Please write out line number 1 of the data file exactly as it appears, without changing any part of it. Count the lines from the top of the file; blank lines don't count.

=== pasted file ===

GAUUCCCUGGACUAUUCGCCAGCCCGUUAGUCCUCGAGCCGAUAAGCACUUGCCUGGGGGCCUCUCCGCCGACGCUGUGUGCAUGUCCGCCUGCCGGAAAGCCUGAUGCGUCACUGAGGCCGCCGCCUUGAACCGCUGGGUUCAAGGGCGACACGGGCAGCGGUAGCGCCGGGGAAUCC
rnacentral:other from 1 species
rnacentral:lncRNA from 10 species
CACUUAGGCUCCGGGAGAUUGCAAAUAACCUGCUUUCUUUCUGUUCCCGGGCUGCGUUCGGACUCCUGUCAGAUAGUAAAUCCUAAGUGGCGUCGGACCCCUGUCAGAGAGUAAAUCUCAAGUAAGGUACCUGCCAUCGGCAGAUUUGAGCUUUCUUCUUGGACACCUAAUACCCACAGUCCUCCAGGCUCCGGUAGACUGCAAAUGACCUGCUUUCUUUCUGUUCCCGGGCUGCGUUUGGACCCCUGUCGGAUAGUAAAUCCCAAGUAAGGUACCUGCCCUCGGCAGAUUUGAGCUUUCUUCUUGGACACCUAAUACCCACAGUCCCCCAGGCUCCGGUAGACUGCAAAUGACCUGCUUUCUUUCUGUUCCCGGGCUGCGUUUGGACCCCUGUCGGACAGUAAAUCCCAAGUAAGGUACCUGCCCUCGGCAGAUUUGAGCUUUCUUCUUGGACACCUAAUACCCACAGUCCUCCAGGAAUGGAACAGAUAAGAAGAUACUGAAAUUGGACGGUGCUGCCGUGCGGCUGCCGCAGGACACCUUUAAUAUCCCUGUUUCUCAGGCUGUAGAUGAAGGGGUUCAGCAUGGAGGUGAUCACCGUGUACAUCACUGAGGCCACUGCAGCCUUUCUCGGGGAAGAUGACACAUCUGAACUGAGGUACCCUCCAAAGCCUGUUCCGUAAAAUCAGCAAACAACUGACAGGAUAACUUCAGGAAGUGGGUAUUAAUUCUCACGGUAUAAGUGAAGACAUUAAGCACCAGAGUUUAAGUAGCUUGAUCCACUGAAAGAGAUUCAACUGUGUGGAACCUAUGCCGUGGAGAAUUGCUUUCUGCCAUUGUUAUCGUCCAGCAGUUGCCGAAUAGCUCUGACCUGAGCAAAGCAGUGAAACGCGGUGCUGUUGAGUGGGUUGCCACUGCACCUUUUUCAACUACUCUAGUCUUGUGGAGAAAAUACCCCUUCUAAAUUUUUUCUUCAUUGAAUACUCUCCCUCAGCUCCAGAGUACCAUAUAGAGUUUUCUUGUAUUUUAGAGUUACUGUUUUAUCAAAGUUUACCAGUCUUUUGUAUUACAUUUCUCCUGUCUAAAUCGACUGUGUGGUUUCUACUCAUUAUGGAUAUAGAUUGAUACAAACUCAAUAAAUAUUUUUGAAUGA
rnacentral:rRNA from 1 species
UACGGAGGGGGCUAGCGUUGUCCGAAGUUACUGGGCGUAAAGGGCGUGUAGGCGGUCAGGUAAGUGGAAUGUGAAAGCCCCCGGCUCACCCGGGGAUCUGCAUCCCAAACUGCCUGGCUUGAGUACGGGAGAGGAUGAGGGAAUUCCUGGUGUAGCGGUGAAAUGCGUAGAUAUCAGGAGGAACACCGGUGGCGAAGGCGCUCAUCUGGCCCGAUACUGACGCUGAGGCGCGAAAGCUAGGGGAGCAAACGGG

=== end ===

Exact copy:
GAUUCCCUGGACUAUUCGCCAGCCCGUUAGUCCUCGAGCCGAUAAGCACUUGCCUGGGGGCCUCUCCGCCGACGCUGUGUGCAUGUCCGCCUGCCGGAAAGCCUGAUGCGUCACUGAGGCCGCCGCCUUGAACCGCUGGGUUCAAGGGCGACACGGGCAGCGGUAGCGCCGGGGAAUCC